Horizon at Sandy Point

Saturday, November 3, 2012

Metamorphoses, not Ovid's

Does Cillian Murphy become more sexy as he metamorphoses into Kitten Braden? What happens to  Patrick Braden as he becomes more feminine? Is the soul of a female person different from that of a male? Does it matter? If Zeus could transform into a shower of gold or a swan, why not a boy into a girl, an actor into anything he chooses. What if, in truth, the body does not have a soul; but the soul chooses a body, much like a suit of clothes.

Cillian Murphy as Kitten
Breakfast on Pluto (2005), directed by Neil Jordan, is a film about the "coming of age" of an orphan abandoned by his mother in a tiny Irish town. Patrick Braden grows with dreams of being female. He wears his sister's dresses unashamedly. He also longs for the love of a real mother. Writing tales of erotica for school essays, wanting to be called Kitten, and the not-so-secret wish for a sex change deposited in the suggestion box, he is the adolescent that challenges his teachers. He is scorned by his foster mother and eventually thrown out.

And so begins the journey that takes Patrick-Paddy-Patricia St Kitten to her true identity. Cillian Murphy says that he prepared for the role by going out with transvestites, but that may be like saying you learned to swim by looking at fish. He also shared that it was a part which he first read in 2001 (when he was 25 and relatively unknown) imploring Neil Jordan to make it before he got too old. The novel Breakfast on Pluto (1998) was a useful source, even though there are some significant departures from the original text by Patrick McCabe who collaborated with Jordan for the film script. In the end, Murphy's Kitten is the fairy tale with the happy ending, against the saga of dark disappointment that was Jordan's The Crying Game (1992).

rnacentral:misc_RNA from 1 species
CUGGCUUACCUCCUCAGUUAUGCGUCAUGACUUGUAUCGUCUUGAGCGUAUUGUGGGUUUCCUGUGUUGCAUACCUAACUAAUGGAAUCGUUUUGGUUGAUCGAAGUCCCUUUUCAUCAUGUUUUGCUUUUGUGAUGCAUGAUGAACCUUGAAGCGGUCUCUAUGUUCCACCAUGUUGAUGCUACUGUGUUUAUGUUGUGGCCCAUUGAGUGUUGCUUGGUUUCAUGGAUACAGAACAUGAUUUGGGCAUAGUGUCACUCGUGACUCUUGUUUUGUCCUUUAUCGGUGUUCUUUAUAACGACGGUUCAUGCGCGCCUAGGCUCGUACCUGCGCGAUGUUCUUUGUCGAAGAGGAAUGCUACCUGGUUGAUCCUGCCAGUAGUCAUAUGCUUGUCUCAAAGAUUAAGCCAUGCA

It is a role that could slide into the sensational and sordid. And it's a miracle - or less than plausible - that Kitten escapes the debauchery and destitution of many who choose persistently other than the gender role that life has dealt them. But there's a real quest - to find the mother that she never knew. Why are you in London, the magician asks her under hypnosis. I'm looking for the Phantom Lady; the city seems to have swallowed her up. And, under hypnosis, she spins around the room embracing strangers, a speaker box, anything.

Set in the Irish 1970s - aggressive IRA activity, Carnaby Street chic and a soundtrack of sentimental songs - the film's few allusions to unsavoury sexual encounters leave Kitten unscathed. She is also in search of a father figure. She enters and escapes relationships with older males - the raunchy Billy Hatchett and his performing group the Mohawks; the bikers on the astral highway; the magician (played by Stephen Rea); and drive by johns. When she's arrested as a suspect in an IRA bombing, Kitten begs the policemen to keep her in jail. Instead, she is released to the Peep Show where the girls give her a room and a role.  It is here that the priest  - in a confessional reversal - tells her where she might find her mother.

In the end, it is in friendship rather than sexual intimacy that Kitten finds the home of her heart. She meets the mother and family but does not reveal herself. Instead she returns to the village. Here she finds her best friend from school Charlie being sheltered by Father Liam (Liam Neeson) - whom she believes is her real father.

What keeps this typical tale of trans-genderism from descending into trite voyeurism is Cillian Murphy's performance. Much has already been made of his expressive blue eyes - even without make up - natural bee-stung lips and slender sylph-like deportment. His looks serve the film in its role of transformation from the male actor to the female character;  and from the androgynous playful teenager to the desirable and desired mature feminine. Kitten survives with steely wit and optimism intact, and transcends that life with its over-riding potential to be nasty, brutish and short.

So many transformations take place every day. The art of film is itself an art of magic. It is a wonder that we do not allow more magic into our daily lives. Indeed, so often we cannot, or refuse, to see the souls for the clothes.

See the trailer for Breakfast on Pluto here:

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